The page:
Friday 10 May 2013, 06:40
I followed a link from Warren Ellis's Twitter feed to this posting about
half-day MP3: "Frolic in Brine, Goblins Be Thing" by Aairria. The idea
of a work of audio art (I hesitate to call this "music" but I suppose it
meets the definition) consisting of twelve hours of background noise
appealed to me. But I didn't really want to spend the time it would take to
download that (probably more than real time, because the MP3 is
high-fidelity) on my slow home network connection and then make a block of
time to listen to it, and I was also a bit disappointed to find out that the
actual title is "Frolic in Brine, Goblins Be Thine" (a reference to the Ring
movies), which I think is much less interesting than the typo.
The same artist has a bunch of other work online. I downloaded Sleepwalking and listened to
it during one of my Sunday-morning urban hikes. It's about 65 minutes of
basically just a humming noise. On the one hand, I definely got something
out of it. There's more going on here artistically than one might expect
from the description "65 minutes of humming." On the other hand, by the end
of it I felt disappointed. I thought that it didn't live up to its
possibilities. So the next step is, can I do better?
I got Csound and played with it for a while, and have posted the first of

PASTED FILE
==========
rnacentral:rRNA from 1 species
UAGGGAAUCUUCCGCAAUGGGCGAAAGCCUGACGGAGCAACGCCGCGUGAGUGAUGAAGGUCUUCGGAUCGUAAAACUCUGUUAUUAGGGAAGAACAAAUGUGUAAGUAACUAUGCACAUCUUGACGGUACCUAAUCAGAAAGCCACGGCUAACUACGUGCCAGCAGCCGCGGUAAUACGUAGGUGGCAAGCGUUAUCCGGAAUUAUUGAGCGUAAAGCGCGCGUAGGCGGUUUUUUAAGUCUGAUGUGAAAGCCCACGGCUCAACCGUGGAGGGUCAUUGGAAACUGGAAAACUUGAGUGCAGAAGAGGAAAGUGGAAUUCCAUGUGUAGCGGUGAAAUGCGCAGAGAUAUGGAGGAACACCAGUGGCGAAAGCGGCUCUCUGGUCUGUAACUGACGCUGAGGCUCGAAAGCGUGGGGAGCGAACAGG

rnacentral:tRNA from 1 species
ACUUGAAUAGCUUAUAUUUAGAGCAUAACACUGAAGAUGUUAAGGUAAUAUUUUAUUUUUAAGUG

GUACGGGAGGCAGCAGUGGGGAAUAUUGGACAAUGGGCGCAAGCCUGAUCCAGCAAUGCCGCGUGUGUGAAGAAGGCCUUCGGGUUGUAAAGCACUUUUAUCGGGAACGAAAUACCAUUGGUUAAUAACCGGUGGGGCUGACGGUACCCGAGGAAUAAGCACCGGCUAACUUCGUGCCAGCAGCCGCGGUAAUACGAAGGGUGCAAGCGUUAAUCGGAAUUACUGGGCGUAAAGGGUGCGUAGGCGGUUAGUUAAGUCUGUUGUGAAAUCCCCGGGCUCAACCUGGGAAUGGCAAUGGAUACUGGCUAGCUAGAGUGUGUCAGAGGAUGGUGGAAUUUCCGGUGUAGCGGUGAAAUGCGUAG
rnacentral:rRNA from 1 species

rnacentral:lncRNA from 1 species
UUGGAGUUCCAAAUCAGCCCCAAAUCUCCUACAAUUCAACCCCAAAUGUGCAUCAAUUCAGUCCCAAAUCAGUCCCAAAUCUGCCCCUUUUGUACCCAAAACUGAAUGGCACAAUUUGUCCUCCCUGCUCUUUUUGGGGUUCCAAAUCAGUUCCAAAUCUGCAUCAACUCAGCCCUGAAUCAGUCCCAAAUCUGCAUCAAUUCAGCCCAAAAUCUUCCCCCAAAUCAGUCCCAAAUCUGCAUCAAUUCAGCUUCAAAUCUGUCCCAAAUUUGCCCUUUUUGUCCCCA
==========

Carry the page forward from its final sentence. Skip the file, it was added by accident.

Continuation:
my results to a new account on SoundCloud. Below the cut
(because I don't want to put external-site iframes on my front page) are
embedded Flash players.
Saturday 19 May 2012, 10:58
A few days ago, I ran Arch Linux's update process and it pulled down and installed a new version of GIMP, version 2.8. This version incorporates some changes in the user interface which apparently were under development for a long time, but only very recently finally put into the "stable" distribution stream.
The one that interests me may appear on the surface to be very small, but it is and is meant to be a really significant shift in the entire definition of what GIMP is. GIMP used to be, as the name "GNU Image Manipulation Program" implies, an image editor. With version 2.8, GIMP has become an XCF file editor with the ability to read and write other formats.
Thursday 19 May 2011, 15:45
Fans of my fiction writing will doubtless remember my theory that in the Future, girls' school-uniform skirts will be made of "smart fiber," capable of changing colour under computer control to act as a sort of display screen, and the wearers will use that to encode personal information into the plaid stripes of something like a present-day 2D barcode. Such technology already exists today (it's closely related to "e-paper"), though it isn't cheap and rugged enough yet for serious use in clothing.
Well, in one of my nefarious projects I recently had occasion to actually use a data-to-tartan encoding scheme, and you might find the results interesting. Here's a sample:
See if you can reverse-engineer the encoding that generated those swatches. It's quite simple, and has an historical basis.